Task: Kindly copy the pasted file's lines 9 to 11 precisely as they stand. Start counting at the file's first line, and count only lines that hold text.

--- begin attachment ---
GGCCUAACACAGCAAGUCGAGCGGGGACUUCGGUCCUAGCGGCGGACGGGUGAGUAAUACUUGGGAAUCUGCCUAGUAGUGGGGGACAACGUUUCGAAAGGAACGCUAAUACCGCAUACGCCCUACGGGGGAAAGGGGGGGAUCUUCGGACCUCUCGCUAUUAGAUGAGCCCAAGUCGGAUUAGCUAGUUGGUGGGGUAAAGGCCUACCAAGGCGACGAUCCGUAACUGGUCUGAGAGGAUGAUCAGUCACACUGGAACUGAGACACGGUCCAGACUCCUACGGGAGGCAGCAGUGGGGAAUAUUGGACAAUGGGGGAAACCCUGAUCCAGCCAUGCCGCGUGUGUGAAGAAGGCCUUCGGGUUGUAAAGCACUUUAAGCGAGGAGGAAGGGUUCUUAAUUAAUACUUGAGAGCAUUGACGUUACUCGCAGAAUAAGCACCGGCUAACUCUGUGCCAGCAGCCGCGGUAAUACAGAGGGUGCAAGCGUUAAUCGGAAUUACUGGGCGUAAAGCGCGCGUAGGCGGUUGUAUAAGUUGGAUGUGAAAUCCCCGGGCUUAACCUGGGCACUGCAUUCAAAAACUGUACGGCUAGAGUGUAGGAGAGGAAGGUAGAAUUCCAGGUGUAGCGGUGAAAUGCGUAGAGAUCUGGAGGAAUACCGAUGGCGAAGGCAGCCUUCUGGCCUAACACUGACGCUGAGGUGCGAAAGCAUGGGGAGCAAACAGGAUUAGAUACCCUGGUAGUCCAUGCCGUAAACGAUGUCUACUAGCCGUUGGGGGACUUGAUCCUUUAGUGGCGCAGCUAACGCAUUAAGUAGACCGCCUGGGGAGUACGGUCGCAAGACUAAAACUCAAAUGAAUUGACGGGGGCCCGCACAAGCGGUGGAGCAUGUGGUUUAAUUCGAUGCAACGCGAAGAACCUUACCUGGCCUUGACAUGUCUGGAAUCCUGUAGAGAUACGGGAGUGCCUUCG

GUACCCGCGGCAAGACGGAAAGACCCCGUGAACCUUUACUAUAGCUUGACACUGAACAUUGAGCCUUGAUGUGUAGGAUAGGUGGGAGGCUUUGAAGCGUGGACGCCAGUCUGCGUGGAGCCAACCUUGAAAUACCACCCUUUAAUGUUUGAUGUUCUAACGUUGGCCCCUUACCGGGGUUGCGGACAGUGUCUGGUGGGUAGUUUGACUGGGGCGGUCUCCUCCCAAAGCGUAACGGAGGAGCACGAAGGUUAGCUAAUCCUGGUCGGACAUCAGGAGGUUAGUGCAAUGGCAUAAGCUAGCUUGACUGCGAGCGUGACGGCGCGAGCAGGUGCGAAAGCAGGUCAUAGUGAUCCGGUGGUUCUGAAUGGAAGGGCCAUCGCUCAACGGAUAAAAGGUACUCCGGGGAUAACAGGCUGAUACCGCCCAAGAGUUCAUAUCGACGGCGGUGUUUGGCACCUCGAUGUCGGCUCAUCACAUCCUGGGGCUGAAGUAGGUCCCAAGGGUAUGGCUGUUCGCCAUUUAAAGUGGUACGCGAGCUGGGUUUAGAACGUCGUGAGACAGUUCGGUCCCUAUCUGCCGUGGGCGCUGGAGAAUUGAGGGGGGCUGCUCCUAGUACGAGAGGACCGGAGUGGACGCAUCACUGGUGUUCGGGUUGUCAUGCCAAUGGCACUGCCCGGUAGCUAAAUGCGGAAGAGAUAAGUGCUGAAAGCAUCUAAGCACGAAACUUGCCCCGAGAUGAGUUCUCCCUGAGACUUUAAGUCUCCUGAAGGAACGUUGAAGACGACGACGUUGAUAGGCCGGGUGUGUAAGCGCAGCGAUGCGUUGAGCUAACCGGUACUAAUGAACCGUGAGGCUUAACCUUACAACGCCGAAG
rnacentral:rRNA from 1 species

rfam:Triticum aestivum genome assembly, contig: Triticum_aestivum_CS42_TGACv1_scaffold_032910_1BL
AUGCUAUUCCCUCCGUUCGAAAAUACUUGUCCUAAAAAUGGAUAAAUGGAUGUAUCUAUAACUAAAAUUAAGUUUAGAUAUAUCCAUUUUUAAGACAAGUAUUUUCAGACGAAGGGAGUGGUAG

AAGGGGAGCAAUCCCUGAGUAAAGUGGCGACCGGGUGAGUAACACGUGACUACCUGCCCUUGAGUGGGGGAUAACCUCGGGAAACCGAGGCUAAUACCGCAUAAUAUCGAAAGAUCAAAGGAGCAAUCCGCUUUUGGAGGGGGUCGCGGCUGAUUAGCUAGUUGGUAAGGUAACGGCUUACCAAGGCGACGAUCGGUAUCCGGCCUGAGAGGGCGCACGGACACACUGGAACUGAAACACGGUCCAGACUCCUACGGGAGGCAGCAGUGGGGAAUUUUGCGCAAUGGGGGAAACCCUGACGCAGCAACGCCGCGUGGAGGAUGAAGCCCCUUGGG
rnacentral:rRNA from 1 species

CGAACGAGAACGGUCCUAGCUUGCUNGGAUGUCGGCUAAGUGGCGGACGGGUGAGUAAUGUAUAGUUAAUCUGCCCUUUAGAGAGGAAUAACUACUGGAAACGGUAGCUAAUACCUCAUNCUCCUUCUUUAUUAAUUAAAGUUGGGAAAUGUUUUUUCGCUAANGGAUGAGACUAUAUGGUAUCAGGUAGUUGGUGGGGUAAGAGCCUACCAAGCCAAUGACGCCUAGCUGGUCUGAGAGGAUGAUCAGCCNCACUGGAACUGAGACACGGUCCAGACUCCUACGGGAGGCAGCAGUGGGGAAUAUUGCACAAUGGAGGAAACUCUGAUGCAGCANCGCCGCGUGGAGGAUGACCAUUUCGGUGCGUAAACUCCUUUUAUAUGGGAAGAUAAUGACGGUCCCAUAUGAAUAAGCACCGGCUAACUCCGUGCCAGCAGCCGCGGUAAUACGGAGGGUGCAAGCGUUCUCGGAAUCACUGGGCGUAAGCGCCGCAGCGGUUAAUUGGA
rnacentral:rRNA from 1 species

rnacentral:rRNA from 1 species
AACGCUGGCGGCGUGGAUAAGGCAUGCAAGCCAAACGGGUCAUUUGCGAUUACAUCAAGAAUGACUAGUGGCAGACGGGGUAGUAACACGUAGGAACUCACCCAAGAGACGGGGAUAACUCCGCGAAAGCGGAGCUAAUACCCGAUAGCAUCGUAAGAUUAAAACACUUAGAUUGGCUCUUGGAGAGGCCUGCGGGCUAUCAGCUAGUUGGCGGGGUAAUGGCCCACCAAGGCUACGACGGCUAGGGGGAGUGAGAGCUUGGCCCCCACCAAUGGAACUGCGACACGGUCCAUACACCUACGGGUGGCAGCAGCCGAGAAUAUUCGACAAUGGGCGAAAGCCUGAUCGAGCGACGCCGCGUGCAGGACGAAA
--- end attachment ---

rnacentral:rRNA from 1 species

rnacentral:rRNA from 1 species
AACGCUGGCGGCGUGGAUAAGGCAUGCAAGCCAAACGGGUCAUUUGCGAUUACAUCAAGAAUGACUAGUGGCAGACGGGGUAGUAACACGUAGGAACUCACCCAAGAGACGGGGAUAACUCCGCGAAAGCGGAGCUAAUACCCGAUAGCAUCGUAAGAUUAAAACACUUAGAUUGGCUCUUGGAGAGGCCUGCGGGCUAUCAGCUAGUUGGCGGGGUAAUGGCCCACCAAGGCUACGACGGCUAGGGGGAGUGAGAGCUUGGCCCCCACCAAUGGAACUGCGACACGGUCCAUACACCUACGGGUGGCAGCAGCCGAGAAUAUUCGACAAUGGGCGAAAGCCUGAUCGAGCGACGCCGCGUGCAGGACGAAA